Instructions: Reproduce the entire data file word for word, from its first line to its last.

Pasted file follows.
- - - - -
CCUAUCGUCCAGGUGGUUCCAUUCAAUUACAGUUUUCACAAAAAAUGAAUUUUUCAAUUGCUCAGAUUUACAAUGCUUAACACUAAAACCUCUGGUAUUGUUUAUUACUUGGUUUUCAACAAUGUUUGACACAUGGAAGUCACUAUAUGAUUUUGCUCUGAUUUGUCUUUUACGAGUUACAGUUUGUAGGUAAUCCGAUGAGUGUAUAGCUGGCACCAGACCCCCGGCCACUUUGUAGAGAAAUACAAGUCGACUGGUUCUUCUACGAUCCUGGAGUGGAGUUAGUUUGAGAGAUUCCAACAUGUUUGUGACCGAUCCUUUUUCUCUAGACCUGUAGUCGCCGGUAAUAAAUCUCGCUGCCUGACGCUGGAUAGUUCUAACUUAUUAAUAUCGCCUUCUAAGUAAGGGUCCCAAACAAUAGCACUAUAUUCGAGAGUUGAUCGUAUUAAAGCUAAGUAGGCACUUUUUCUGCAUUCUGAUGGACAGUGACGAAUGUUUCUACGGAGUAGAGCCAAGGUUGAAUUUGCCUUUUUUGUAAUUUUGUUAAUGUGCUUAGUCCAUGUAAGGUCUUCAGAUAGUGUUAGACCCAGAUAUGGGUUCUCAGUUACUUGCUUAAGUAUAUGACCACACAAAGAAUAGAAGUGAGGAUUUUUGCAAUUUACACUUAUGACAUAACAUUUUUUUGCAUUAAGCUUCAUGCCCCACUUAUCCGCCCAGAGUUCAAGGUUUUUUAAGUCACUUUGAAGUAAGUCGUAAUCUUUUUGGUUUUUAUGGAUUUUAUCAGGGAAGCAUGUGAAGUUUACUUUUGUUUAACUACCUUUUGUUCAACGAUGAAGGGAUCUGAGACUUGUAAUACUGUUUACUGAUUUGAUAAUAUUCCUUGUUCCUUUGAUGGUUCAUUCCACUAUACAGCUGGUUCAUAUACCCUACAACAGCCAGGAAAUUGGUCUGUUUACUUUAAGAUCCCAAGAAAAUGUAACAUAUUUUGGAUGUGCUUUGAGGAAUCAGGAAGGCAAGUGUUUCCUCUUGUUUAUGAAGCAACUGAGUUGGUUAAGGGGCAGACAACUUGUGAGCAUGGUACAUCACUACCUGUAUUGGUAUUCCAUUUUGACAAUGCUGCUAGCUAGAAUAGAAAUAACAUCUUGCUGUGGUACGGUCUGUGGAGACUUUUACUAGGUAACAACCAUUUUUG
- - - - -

CCUAUCGUCCAGGUGGUUCCAUUCAAUUACAGUUUUCACAAAAAAUGAAUUUUUCAAUUGCUCAGAUUUACAAUGCUUAACACUAAAACCUCUGGUAUUGUUUAUUACUUGGUUUUCAACAAUGUUUGACACAUGGAAGUCACUAUAUGAUUUUGCUCUGAUUUGUCUUUUACGAGUUACAGUUUGUAGGUAAUCCGAUGAGUGUAUAGCUGGCACCAGACCCCCGGCCACUUUGUAGAGAAAUACAAGUCGACUGGUUCUUCUACGAUCCUGGAGUGGAGUUAGUUUGAGAGAUUCCAACAUGUUUGUGACCGAUCCUUUUUCUCUAGACCUGUAGUCGCCGGUAAUAAAUCUCGCUGCCUGACGCUGGAUAGUUCUAACUUAUUAAUAUCGCCUUCUAAGUAAGGGUCCCAAACAAUAGCACUAUAUUCGAGAGUUGAUCGUAUUAAAGCUAAGUAGGCACUUUUUCUGCAUUCUGAUGGACAGUGACGAAUGUUUCUACGGAGUAGAGCCAAGGUUGAAUUUGCCUUUUUUGUAAUUUUGUUAAUGUGCUUAGUCCAUGUAAGGUCUUCAGAUAGUGUUAGACCCAGAUAUGGGUUCUCAGUUACUUGCUUAAGUAUAUGACCACACAAAGAAUAGAAGUGAGGAUUUUUGCAAUUUACACUUAUGACAUAACAUUUUUUUGCAUUAAGCUUCAUGCCCCACUUAUCCGCCCAGAGUUCAAGGUUUUUUAAGUCACUUUGAAGUAAGUCGUAAUCUUUUUGGUUUUUAUGGAUUUUAUCAGGGAAGCAUGUGAAGUUUACUUUUGUUUAACUACCUUUUGUUCAACGAUGAAGGGAUCUGAGACUUGUAAUACUGUUUACUGAUUUGAUAAUAUUCCUUGUUCCUUUGAUGGUUCAUUCCACUAUACAGCUGGUUCAUAUACCCUACAACAGCCAGGAAAUUGGUCUGUUUACUUUAAGAUCCCAAGAAAAUGUAACAUAUUUUGGAUGUGCUUUGAGGAAUCAGGAAGGCAAGUGUUUCCUCUUGUUUAUGAAGCAACUGAGUUGGUUAAGGGGCAGACAACUUGUGAGCAUGGUACAUCACUACCUGUAUUGGUAUUCCAUUUUGACAAUGCUGCUAGCUAGAAUAGAAAUAACAUCUUGCUGUGGUACGGUCUGUGGAGACUUUUACUAGGUAACAACCAUUUUUG